Legislation to protect cash will bring stability and resilience to the whole system, according to the UK’s main ATM network.
The Government confirmed in the Budget that legislation will be brought forward to protect access to cash for those who need it.
The rapid disappearance of many bank branches and free-to-use ATMs has fuelled concerns about people’s ability to continuing accessing coins and notes.
This support will provide stability and resilience to the cash infrastructureJohn Howells, Link
John Howells, chief executive of Link – the UK’s main cash machine network, said: “We are delighted to see the Government is taking action. Though the UK is moving towards a digital economy, it is vital that we protect free cash access as long as people need it.
“This support will provide stability and resilience to the cash infrastructure, allowing Link and the banks to continue supporting local communities.”
One area which will now be looked at is whether to give watchdogs new powers which ensure that banks continue to properly support their customers’ cash needs.
The Treasury also wants the banks to create a new system for moving money around the country, so cash remains accessible for those who use it every day.
International examples which the UK could take inspiration from include Sweden, which legislated to require large banks to provide their customers with facilities for withdrawing cash.
Around two million people in the UK still rely on cash for their day-to-day spending – with three in 10 payments still made using notes and coins.
In 2018, 50 million adults used cash machines, with 87% of them using one at least once a month.
Anabel Hoult, chief executive of Which?, said: “We are pleased that the Chancellor has taken decisive action today to ensure that millions of people who have been hit hard by bank branch and ATM closures will continue to have access to cash.
“We know that the cash system faces irreversible damage within the next two years, so the Government must swiftly press ahead with its plans to legislate, which must include putting a single regulator in charge of protecting cash.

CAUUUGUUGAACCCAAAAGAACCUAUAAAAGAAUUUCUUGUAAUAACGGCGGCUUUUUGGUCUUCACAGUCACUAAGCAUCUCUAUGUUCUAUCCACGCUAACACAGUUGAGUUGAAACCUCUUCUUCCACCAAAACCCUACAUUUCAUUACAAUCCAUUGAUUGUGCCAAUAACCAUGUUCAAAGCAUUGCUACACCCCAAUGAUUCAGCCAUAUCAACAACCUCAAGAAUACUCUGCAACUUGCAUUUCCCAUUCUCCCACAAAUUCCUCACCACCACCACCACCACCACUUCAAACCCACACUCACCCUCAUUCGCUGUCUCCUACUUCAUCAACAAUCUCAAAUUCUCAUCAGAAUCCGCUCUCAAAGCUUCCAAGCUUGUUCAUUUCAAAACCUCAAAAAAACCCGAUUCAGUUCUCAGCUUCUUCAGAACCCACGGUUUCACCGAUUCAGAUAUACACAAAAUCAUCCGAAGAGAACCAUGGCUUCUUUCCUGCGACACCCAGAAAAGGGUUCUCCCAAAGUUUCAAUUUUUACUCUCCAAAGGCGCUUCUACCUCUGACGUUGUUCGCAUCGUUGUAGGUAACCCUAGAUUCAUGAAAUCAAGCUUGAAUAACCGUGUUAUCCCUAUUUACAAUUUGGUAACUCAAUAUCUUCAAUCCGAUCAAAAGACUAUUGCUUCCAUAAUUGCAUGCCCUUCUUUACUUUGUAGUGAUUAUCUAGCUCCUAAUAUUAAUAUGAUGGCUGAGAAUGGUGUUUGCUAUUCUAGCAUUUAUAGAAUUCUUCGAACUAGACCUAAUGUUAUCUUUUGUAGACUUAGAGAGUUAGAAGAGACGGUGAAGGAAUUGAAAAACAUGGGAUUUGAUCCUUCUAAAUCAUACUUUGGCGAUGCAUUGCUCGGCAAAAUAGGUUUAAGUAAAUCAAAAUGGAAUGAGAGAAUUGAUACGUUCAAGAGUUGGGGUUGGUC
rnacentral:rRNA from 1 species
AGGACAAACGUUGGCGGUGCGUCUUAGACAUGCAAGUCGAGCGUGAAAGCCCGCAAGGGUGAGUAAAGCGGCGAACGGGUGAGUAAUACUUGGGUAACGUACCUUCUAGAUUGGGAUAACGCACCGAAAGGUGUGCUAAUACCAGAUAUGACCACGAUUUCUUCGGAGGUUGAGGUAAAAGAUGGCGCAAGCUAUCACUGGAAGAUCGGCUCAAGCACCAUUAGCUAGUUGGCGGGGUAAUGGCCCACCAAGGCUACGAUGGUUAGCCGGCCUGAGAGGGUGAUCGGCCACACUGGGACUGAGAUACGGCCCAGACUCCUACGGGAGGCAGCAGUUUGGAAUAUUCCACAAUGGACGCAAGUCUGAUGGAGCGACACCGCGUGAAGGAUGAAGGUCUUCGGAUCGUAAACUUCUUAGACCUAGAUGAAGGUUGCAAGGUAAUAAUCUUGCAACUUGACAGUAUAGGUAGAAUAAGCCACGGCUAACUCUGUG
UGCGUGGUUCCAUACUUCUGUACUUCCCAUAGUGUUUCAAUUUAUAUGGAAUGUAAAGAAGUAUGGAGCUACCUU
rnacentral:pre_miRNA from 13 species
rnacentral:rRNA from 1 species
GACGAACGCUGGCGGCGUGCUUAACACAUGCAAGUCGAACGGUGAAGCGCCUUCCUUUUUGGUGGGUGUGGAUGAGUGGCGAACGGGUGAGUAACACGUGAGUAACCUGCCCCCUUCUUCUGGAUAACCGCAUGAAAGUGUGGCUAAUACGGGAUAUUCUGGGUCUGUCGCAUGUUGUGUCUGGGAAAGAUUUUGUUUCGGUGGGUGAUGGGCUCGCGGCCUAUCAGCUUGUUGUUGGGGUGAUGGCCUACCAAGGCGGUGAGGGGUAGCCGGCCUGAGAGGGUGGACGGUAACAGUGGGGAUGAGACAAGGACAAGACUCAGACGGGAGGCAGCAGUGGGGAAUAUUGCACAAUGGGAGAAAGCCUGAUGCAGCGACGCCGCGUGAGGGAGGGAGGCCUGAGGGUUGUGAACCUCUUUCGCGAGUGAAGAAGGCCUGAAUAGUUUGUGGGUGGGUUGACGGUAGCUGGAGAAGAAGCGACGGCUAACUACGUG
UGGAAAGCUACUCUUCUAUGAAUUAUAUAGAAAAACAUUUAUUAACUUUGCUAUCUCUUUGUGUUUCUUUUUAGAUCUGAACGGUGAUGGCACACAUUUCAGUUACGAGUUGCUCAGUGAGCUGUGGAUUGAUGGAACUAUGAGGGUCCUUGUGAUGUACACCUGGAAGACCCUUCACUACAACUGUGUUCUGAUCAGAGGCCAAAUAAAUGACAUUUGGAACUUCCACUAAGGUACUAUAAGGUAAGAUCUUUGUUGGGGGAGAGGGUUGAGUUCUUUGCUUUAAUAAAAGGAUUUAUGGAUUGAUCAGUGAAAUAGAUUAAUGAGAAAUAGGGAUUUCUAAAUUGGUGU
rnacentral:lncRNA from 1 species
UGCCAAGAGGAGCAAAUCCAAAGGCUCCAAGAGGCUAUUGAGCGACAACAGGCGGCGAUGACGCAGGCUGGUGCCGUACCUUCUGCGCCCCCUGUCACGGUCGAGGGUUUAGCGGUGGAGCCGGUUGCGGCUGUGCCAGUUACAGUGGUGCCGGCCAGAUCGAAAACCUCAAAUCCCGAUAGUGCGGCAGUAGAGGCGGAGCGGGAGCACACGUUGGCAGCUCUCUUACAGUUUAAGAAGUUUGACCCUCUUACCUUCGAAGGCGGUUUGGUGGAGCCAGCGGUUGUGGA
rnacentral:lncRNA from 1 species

“It is vital that this commitment is quickly turned into action. We look forward to working with the Government, regulators and industry to ensure that cash is protected for as long as it is needed.”
Chancellor Rishi Sunak said last week: “People across Britain work hard for their money, with millions relying on coins and notes to make their daily payments.”
Martin Kearsley, banking director at Post Office, said: “We are at the forefront of ensuring those living in rural and less economically developed urban areas can withdraw cash for free through our 11,500 branch network.
“Where cash is available locally, it’s spent locally and we welcome the announcement that legislation will be introduced to protect the cash network.
“Our postmasters provide a vital service in their local communities and as the biggest retail network in the UK, we will continue to be a central component of Treasury and industry proposals to protect free access to cash.”
Federation of Small Businesses (FSB) national chairman Mike Cherry said: “One in four small high street businesses say cash is the most popular payment method amongst their customers.
“We’ve campaigned alongside Which? and others to protect our cash infrastructure, and it’s good to see the Chancellor taking action on this front.”
Rachel Statham, IPPR (Institute for Public Policy Research) Scotland senior research fellow, said: “The plans announced in the Budget to protect cash are welcome, but it’s important that the Government now invests in building bridges to digital services that work for everyone.
“That means investment in digital skills for people of all ages, improved connectivity so more people can get online, and supporting the development of more inclusive technologies.
“Access to digital financial services is already a prerequisite to full participation in our economy. We now need to see sustained attention from Government and regulators to deliver a transition to a future economy that is both more digital, and more just.”